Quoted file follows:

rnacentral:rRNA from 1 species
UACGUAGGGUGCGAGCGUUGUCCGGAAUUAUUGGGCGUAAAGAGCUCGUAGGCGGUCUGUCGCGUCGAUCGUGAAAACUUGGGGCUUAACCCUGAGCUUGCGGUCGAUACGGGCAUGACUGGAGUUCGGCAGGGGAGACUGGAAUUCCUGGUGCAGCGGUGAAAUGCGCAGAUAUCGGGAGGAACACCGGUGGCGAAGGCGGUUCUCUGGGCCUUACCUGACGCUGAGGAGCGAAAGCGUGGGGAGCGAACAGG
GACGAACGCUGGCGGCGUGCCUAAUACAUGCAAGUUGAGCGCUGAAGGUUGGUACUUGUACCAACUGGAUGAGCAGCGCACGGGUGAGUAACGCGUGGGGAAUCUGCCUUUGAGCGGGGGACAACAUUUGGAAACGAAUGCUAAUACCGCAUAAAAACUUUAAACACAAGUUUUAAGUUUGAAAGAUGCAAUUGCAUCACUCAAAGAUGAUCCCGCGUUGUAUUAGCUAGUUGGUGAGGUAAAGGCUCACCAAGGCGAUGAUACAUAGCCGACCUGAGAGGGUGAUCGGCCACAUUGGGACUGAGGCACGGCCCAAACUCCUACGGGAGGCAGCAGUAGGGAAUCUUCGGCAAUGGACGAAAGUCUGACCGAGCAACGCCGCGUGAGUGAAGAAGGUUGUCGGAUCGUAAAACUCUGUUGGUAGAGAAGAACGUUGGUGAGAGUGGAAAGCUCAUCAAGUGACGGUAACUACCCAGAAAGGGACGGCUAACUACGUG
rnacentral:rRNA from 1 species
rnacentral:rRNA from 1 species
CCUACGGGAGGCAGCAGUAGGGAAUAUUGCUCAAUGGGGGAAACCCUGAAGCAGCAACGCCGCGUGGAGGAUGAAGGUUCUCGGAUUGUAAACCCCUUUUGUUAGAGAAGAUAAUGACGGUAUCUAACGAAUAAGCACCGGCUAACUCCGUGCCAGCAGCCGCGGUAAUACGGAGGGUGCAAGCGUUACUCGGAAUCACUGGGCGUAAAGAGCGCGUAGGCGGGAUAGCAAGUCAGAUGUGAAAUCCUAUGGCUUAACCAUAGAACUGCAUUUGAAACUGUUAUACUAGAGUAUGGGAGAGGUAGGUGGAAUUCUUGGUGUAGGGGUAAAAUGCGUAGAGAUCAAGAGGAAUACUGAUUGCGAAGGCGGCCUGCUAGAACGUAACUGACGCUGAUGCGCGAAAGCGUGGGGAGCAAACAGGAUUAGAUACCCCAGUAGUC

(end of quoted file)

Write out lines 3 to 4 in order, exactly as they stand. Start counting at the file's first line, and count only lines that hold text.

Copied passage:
GACGAACGCUGGCGGCGUGCCUAAUACAUGCAAGUUGAGCGCUGAAGGUUGGUACUUGUACCAACUGGAUGAGCAGCGCACGGGUGAGUAACGCGUGGGGAAUCUGCCUUUGAGCGGGGGACAACAUUUGGAAACGAAUGCUAAUACCGCAUAAAAACUUUAAACACAAGUUUUAAGUUUGAAAGAUGCAAUUGCAUCACUCAAAGAUGAUCCCGCGUUGUAUUAGCUAGUUGGUGAGGUAAAGGCUCACCAAGGCGAUGAUACAUAGCCGACCUGAGAGGGUGAUCGGCCACAUUGGGACUGAGGCACGGCCCAAACUCCUACGGGAGGCAGCAGUAGGGAAUCUUCGGCAAUGGACGAAAGUCUGACCGAGCAACGCCGCGUGAGUGAAGAAGGUUGUCGGAUCGUAAAACUCUGUUGGUAGAGAAGAACGUUGGUGAGAGUGGAAAGCUCAUCAAGUGACGGUAACUACCCAGAAAGGGACGGCUAACUACGUG
rnacentral:rRNA from 1 species